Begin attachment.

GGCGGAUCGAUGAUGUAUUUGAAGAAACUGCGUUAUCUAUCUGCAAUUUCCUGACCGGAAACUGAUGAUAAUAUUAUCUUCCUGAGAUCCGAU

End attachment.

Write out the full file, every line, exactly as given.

GGCGGAUCGAUGAUGUAUUUGAAGAAACUGCGUUAUCUAUCUGCAAUUUCCUGACCGGAAACUGAUGAUAAUAUUAUCUUCCUGAGAUCCGAU